Ancient Greek ship 'Argo' sets sail once again
Jul 4, 2008, 13:59 GMT
The recreation of the ancient Greek ship Argo, the vessel used by Jason and his Argonauts on the quest for the \'golden fleece\' sails in the canal of Korinthos, some 83 km west of Athens on 2 July 2008. The 50-oar vesssel crewed from all 27 European Union member countries is going to sail to Venice . EPA/VASSILIS PSOMAS
Athens - A replica of the legendary ship on which Jason and his Argonauts battled various creatures to recover the Golden Fleece according to ancient mythology sailed in Greek waters Friday and will anchor at 23 cities before ending up at the Italian port of Venice next month.
Setting off from the beaches of Jason's hometown of Volos in central Greece in mid-June, the modern day 28-metre wooden vessel is a reconstruction of an ancient Greek warship 'penteconter,' which consists of one tier of 50 oars and a ram used to attack and sink enemy ships.
Propelled by 50 oarsmen and 22 on standby - they will row a gruelling 10 to 15 hours a day - the ship is expected to reach its final destination in Venice on August 11.
During the mythical journey, the 'Argo' had 50 rowers, one captain, five officers, two steersmen and a sail of 54 square meters.
According to historians who have traced the journey of the ancient vessel, the oarsmen sat on 25 benches and every 40 minutes five benches would rest for 8 minutes.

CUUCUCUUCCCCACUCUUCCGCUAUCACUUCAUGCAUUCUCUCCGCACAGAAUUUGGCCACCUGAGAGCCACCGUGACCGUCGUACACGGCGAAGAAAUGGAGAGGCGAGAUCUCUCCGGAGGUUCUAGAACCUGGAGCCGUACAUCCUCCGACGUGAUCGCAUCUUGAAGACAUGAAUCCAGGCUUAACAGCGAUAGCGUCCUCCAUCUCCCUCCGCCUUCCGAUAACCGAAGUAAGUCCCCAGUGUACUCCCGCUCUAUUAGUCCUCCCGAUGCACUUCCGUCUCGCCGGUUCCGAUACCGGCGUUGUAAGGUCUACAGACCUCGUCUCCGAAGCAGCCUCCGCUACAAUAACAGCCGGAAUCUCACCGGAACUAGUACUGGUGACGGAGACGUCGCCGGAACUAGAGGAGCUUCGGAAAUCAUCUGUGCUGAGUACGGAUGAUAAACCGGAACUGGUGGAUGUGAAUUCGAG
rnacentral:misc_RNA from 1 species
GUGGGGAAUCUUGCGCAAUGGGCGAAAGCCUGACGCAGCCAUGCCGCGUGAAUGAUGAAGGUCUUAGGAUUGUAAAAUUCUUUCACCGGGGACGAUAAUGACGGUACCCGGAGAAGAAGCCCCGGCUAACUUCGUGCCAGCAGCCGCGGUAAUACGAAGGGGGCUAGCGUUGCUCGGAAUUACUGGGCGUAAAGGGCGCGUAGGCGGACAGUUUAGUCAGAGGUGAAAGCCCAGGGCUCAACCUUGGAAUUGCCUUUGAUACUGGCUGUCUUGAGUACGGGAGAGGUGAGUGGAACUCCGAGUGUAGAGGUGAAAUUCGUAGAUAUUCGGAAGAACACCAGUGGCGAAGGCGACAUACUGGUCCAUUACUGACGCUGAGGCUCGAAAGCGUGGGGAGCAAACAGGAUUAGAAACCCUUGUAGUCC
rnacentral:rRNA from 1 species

Travelling between 10 and 15 nautical miles a day, the replica vessel will stop at 23 cites, many of which are in modern-day Albania, Croatia, Slovenia and Italy.
It is predicted that the Argo will have travelled a total of 2,000 nautical miles over its two-month journey.
The ship was originally scheduled to reach the ancient destination of Colchis, in what is modern-day Georgia, located at the eastern end of the Black Sea but Turkey's refusal to guarantee the vessel safe passage through the Bosporus Strait forced it to retrace only part of the Argonaut's return trip at the last minute.
According to Greek mythology, Jason and his team of selected Argonauts, set sail from Volos, named Iolcos in ancient times, on a quest to retrieve the Golden Fleece from the ancient city of Colchis.
With the help of such heroes as Hercules and Orpheus, Jason battled monsters on his mission to take the fleece of the sacred golden ram from the dragon guarding it and ran off with Medea, the sorceress and daughter of Colchis' king.
Jason and his crew of Argonauts then sailed from the Black Sea up the Danube river and on into the Saba and Ljubljanica rivers before continuing their trip on the Adriatic and Aegean Seas.
Jason is seen as the founder of Ljubljana, the capital of Slovenia and the city's coat of arms includes a dragon, in remembrance of the Argonaut's adventures.
The team of experts from the Naudomos Institute set out to use the same techniques, iron tools and wood, in recreating the 14th century BC warship.
Unlike modern shipbuilding which relies on a metal frame, whole oak and pine trees were positioned in the hull of the replica vessel and more than 5,000 wooden pegs and wedges were used to hold the ship's frame and planks in place.
In Greek mythology, the 50 Argonauts with the aid of the goddess Athena, constructed the Argo in three months, while the team of modern-day shipbuilders and historians took three years to build the replica vessel.
Experts working on the replica also had to adjust the length and width of the ship to accommodate the rowers. In ancient Greece, a rower's average height was 1.60 metres while today it is 1.80, thus the length of the ship was expanded from 27.5 to 28.5 metres by 4 metres wide.
The 'Argo' will be housed in a museum after returning from its journey.